Today’s regularly scheduled feature has been preempted for a retrospective and celebration of the late Joe Cocker.
In the final analysis, Joe Cocker’s formidable talent and musical significance can be expressed in a single sentence: The man out-Beatled The Beatles. Cocker’s 1968 cover of “With a Little Help from My Friends” not only reached #1 on UK charts, he belted it out from the stage at Woodstock and it has very arguably eclipsed the Fab Four’s 1967 original as the definitive version of the song.
Cocker passed away Monday after a battle with lung cancer.
With a distinctive voice full of gravel and world-weary passion, Cocker sounded more like a master of Memphis Soul than a Yorkshireman. Born John Robert Cocker in 1944, he acquired both the nickname “Joe:” and a passion for music at a young age.
Growing up in the skiffle-mad music scene of 1950s Britain, Cocker’s first public performance was with his brother’s skiffle band. As British musical taste evolved away from skiffle and towards rock and roll with a heavy American roots influence, Cocker not only followed suit but found his true calling. He began performing professionally at the age of 16, first with a short-lived group called The Cavaliers and then, under the name Vance Arnold, as frontman for Vance Arnold and The Avengers (Perhaps it is only with the benefit of hindsight, but “Joe Cocker” seems like a better rock and roll moniker than “Vance Arnold” any day of the week).
Establishing a strong local following on the Sheffield pub scene, The Avengers began to build a national reputation after opening for the Rolling Stones at a 1963 show in Sheffield. Cocker signed with Decca Records in 1964, where his first release, intriguingly, was a cover of The Beatles’ “I’ll Cry Instead.” During his time with Decca, Cocker also developed a set of musical friendships which would serve him well throughout his career, including an up-and-coming guitarist named Jimmy Page.
In 1966, Cocker co-founded The Grease Band with influential session musician Chris Stainton. As with the Avengers, the Grease Band did well enough to allow its members to pursue music full-time, but fell well short of achieving escape velocity. The band remained primarily a Sheffield phenomenon and Cocker’s record sales were mediocre.
That changed in 1968, when Cocker took on another Beatles’ song which, of course, was “With a Little Help From My Friends.” Cocker took the Beatles’ version, a surprisingly pop-flavored number considering its inclusion on Sergeant Pepper’s Lonely Hearts Club, slowed it down and transmuted it into a soul-filled rock ballad. The rest, as they say, is history. Though, in his breakthrough moment, it deserves to be remembered that Cocker did, in fact, have more than a little help from his friends. The song’s strong if restrained guitar work was supplied by Jimmy Page, Grease Band colleague Stainton played bass and Procul Harum’s B.J. Wilson delivered percussion.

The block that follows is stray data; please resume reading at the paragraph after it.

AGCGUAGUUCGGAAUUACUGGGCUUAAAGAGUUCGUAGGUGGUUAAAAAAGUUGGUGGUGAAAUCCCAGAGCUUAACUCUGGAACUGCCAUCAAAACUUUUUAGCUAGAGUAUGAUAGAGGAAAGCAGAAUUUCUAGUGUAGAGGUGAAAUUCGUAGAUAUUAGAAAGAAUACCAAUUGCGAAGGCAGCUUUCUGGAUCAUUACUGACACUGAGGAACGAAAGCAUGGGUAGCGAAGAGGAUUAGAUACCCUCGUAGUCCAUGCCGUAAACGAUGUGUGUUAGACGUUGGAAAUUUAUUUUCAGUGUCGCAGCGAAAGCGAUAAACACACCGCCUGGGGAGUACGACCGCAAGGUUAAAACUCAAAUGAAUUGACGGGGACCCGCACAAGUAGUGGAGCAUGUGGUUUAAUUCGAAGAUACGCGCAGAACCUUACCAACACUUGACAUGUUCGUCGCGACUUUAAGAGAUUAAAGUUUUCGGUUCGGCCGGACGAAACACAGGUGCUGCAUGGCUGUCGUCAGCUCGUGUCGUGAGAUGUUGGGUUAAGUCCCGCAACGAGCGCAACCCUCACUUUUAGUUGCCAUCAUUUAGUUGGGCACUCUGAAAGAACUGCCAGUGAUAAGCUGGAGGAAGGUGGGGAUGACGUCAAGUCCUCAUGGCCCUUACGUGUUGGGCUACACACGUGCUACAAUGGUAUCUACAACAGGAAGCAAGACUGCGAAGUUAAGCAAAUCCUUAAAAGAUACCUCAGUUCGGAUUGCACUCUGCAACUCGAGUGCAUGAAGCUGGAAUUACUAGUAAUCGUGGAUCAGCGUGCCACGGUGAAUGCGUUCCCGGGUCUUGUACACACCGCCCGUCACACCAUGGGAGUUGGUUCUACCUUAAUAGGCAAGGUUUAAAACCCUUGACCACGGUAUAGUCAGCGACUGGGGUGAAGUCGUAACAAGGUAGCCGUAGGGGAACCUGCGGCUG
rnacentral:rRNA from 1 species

The success of his “With a Little Help From My Friends” earned a Cocker a place on the stage of festivals including Newport Folk, Isle of Wight and, of course, Woodstock. It also set him on the obligatory pilgrimage to “The Ed Sullivan Show.”
In 1969, Cocker formed a new band, Mad Dogs & Englishmen, which finally allowed him to express his distinctive musical vision. In contrast to rock’s typical emphasis on small combos (where anything beyond six or seven pieces becomes noteworthy), Mad Dogs & Englishmen typically numbered over two-dozen performers. Cocker also moved his sound in dramatically more roots-oriented direction, akin to the Rolling Stones but with a stronger emphasis on soul and R&B than blues. As with “With a Little Help From My Friends,” the success of Mad Dogs & Englishmen owed much to Cocker’s knack for picking the right collaborators, including celebrated American roots musician Leon Russell.
After the dissolution of Mad Dogs & Englishman, Cocker continued to record and tour as time and the strength of his music cemented his legacy as an icon of British Invasion roots rock. His next, and last, brush with the big time would be an unlikely duet with American vocalist Jennifer Warnes, 1982’s “Up Where We Belong.” The song hit number-one and netted the singers a Grammy for Best Pop Performance by a Duo. That having been said, the song does not hold up well: it is a rather trite 1980s pop-rock romantic ballad with little to recommend it to the ages beyond Cocker’s soulful vocals.
The first generation of British rockers universally paid lip-service to American roots music. In reality, the actual influence of roots music varied wildly from artist to artist. Few, however, were as sincere in their admiration or as deeply influenced as Cocker. From a young age, he was an avid collector of blues records by artists as diverse as Lightnin’ Hopkins, Howlin’ Wolf and John Lee Hooker. Roots covers featured frequently in his discography. And, in examining the actual impact on American roots on British Invasion artists, perhaps only the Rolling Stone’s bluesy instrumentation equals Cocker’s soul-laden vocals.
Musically, Cocker’s career was hit or miss. But the hits more than make up for the misses. ““With a Little Help From My Friends” and similar successes anchor an iconic career and enduring legacy. Joe Cocker will be missed.
Watch Archival Footage of Joe Cocker Performing “With a Little Help From My Friends”